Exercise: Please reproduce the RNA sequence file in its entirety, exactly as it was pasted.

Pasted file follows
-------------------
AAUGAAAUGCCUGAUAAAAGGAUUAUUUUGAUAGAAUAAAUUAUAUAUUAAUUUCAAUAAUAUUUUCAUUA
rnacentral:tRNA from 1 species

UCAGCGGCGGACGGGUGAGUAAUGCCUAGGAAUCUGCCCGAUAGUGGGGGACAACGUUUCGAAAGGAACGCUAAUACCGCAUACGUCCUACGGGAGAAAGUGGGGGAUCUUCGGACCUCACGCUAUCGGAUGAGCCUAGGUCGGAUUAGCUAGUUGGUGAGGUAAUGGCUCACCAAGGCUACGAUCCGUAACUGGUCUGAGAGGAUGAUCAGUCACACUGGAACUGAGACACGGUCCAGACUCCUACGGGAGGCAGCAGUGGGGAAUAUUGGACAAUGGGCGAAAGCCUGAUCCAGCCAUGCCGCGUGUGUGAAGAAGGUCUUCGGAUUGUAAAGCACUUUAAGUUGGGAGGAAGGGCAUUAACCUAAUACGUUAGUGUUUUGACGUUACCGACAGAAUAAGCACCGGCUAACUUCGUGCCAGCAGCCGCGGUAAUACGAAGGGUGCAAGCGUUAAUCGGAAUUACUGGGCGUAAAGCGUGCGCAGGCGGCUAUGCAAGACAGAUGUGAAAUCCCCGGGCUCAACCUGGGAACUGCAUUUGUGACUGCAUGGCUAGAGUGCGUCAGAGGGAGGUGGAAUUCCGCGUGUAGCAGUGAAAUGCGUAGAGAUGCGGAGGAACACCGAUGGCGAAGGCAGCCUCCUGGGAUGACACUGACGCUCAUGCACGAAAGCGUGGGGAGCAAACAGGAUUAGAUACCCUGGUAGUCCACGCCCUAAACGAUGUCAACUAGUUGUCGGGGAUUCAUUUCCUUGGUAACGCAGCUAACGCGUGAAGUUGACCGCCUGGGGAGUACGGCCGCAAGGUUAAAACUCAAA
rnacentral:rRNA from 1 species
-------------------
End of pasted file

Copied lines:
AAUGAAAUGCCUGAUAAAAGGAUUAUUUUGAUAGAAUAAAUUAUAUAUUAAUUUCAAUAAUAUUUUCAUUA
rnacentral:tRNA from 1 species

UCAGCGGCGGACGGGUGAGUAAUGCCUAGGAAUCUGCCCGAUAGUGGGGGACAACGUUUCGAAAGGAACGCUAAUACCGCAUACGUCCUACGGGAGAAAGUGGGGGAUCUUCGGACCUCACGCUAUCGGAUGAGCCUAGGUCGGAUUAGCUAGUUGGUGAGGUAAUGGCUCACCAAGGCUACGAUCCGUAACUGGUCUGAGAGGAUGAUCAGUCACACUGGAACUGAGACACGGUCCAGACUCCUACGGGAGGCAGCAGUGGGGAAUAUUGGACAAUGGGCGAAAGCCUGAUCCAGCCAUGCCGCGUGUGUGAAGAAGGUCUUCGGAUUGUAAAGCACUUUAAGUUGGGAGGAAGGGCAUUAACCUAAUACGUUAGUGUUUUGACGUUACCGACAGAAUAAGCACCGGCUAACUUCGUGCCAGCAGCCGCGGUAAUACGAAGGGUGCAAGCGUUAAUCGGAAUUACUGGGCGUAAAGCGUGCGCAGGCGGCUAUGCAAGACAGAUGUGAAAUCCCCGGGCUCAACCUGGGAACUGCAUUUGUGACUGCAUGGCUAGAGUGCGUCAGAGGGAGGUGGAAUUCCGCGUGUAGCAGUGAAAUGCGUAGAGAUGCGGAGGAACACCGAUGGCGAAGGCAGCCUCCUGGGAUGACACUGACGCUCAUGCACGAAAGCGUGGGGAGCAAACAGGAUUAGAUACCCUGGUAGUCCACGCCCUAAACGAUGUCAACUAGUUGUCGGGGAUUCAUUUCCUUGGUAACGCAGCUAACGCGUGAAGUUGACCGCCUGGGGAGUACGGCCGCAAGGUUAAAACUCAAA
rnacentral:rRNA from 1 species